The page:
Marking Techniques

To identify individual birds that we capture for our research after they are released, we mark them for identification with leg bands or wing tags. The vulture above with wing tag AR was captured and tagged at our Grayland study beach on June 15, 2015. He’s been sighted five times since then, all during summer or early fall on the southern coast of British Columbia, 2015-2019.

Net launcher fires, capturing AR and two other Turkey Vultures. Tom Rowley photo.
AR feeding at an Elephant Seal carcass on July 15, 2016 at the south end of Vancouver Island, British Columbia. Brian Rundle photo.

Below are descriptions and photos of the markers that we use. If you see a marked Peregrine Falcon, Gyrfalcon, Bald Eagle, Turkey Vulture or Common Raven, please report it (see our Contact Us page).

Peregrine Falcons – Banded 1995 to present

We fit Peregrine Falcons we capture with green or black-over-blue visual identification (VID) bands and red or blue USGS bands. We anodize USGS bands to distinguish between Peregrine Falcons we band at Long Beach from those we band at Ocean Shores or Grayland.

Peregrine Falcon VID bands have a letter-letter, letter-number or number-number code. We follow the protocol for peregrines banded in North America established by the USGS Bird Banding Lab. Accordingly, we apply green VID bands to peregrines of the Peale’s subspecies (Falco peregrinus pealei) and black-over-blue to the Continental subspecies (F.p. anatum), the tundra subspecies (F.p. tundrius) and to individuals where a subspecies designation was unclear.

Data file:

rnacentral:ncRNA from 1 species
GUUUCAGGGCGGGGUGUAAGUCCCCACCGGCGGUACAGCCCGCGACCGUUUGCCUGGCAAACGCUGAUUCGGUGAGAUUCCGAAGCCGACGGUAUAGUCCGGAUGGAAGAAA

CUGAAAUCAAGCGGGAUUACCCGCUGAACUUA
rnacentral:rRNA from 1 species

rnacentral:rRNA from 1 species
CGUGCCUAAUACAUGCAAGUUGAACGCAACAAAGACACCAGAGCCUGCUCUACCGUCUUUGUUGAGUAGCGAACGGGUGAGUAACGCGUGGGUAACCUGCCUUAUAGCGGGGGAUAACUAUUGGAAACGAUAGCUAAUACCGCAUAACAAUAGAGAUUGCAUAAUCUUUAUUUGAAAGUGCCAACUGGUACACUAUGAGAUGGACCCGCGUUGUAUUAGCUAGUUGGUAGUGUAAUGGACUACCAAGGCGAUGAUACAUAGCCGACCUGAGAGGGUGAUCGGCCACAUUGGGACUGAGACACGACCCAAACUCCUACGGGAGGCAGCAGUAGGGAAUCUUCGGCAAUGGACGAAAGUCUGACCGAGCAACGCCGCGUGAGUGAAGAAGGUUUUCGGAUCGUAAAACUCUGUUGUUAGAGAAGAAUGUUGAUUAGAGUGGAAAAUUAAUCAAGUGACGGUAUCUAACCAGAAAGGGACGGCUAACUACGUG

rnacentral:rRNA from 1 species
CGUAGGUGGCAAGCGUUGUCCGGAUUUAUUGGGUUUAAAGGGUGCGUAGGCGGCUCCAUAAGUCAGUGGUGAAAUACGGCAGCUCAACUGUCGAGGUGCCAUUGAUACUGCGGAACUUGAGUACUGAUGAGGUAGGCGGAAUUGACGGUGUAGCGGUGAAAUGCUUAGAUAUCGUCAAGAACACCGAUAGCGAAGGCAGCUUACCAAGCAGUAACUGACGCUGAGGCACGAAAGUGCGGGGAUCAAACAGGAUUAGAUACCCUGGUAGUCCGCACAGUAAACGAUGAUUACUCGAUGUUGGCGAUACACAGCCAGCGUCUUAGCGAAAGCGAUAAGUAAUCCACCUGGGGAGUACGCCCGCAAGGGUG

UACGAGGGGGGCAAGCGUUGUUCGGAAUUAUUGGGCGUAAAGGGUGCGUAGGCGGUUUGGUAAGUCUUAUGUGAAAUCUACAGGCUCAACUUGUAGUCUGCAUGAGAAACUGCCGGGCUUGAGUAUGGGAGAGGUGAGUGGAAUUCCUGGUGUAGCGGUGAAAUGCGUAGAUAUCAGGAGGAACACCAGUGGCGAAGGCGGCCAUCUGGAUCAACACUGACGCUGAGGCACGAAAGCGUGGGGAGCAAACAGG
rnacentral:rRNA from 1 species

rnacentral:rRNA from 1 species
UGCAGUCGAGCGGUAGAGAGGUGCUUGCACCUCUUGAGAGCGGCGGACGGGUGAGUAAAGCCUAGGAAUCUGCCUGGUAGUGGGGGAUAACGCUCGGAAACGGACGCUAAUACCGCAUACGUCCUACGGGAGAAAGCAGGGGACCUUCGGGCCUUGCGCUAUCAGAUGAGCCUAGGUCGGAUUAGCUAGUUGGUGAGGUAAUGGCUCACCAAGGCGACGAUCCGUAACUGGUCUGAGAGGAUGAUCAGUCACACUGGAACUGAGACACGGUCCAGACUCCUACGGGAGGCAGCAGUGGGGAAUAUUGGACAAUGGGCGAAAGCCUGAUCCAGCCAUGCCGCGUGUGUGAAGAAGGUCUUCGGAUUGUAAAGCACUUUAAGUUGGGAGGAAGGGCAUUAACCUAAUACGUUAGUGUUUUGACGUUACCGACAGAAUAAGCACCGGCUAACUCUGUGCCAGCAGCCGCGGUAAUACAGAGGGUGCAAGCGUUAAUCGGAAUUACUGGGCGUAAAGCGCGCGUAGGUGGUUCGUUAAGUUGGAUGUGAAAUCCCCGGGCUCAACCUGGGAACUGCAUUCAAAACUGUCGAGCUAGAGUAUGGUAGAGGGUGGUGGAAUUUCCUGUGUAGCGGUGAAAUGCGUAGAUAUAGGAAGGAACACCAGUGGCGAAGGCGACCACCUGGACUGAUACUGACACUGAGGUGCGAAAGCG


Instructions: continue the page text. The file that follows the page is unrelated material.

Tom Rowley photo.
Trip-Falcon Banding, Long Beach WA 2012Oct
Rob Palmer photo.

Gyrfalcons – Banded 1996 to present

We fit Gyrfalcons we capture with red or blue VID bands with a one-number code on one leg and a silver USGS band on the other.

Rob Palmer photo.
Tom Rowley photo.
Louis Chapman photo.

Bald Eagles – Banded 2005 to present

We fit Bald Eagles we capture with green VID bands and silver USGS bands. These VID bands have a letter-letter or letter-number code.

Dan Varland photo.
Dan Varland photo.
Pat Hayes photo.

Turkey Vultures – Wing tagged 2012 to present

We fit Turkey Vultures we capture with red wing tags bearing letter-letter codes. Why wing tags and not bands? Turkey Vultures defecate on their legs to cool down in hot weather and to kill bacteria (their poop is acidic). If Turkey Vultures were banded, the poop would collect between band and leg, leading to abrasion wounds and infection. Consequently, federal permitting authorities in the US (the Bird Banding Lab) and Canada (the Bird Banding Office) restrict vulture marking to wing tags.

Tom Rowley photo.
Tom Rowley photo.

Common Ravens – Banded 2012 to 2016

We fitted Common Ravens we captured with unique combinations of three colors of stackable bands, choosing from orange, green, yellow or gray, and silver USGS bands. Two color bands were applied to one leg while the other received a color band and a silver USGS band.

Dan Varland photo.
Dan Varland photo.
Tom Rowley photo.

Unless otherwise stated, original materials of whatever kind found in these pages, including media files and weblog archives, are licensed under a Creative Commons License.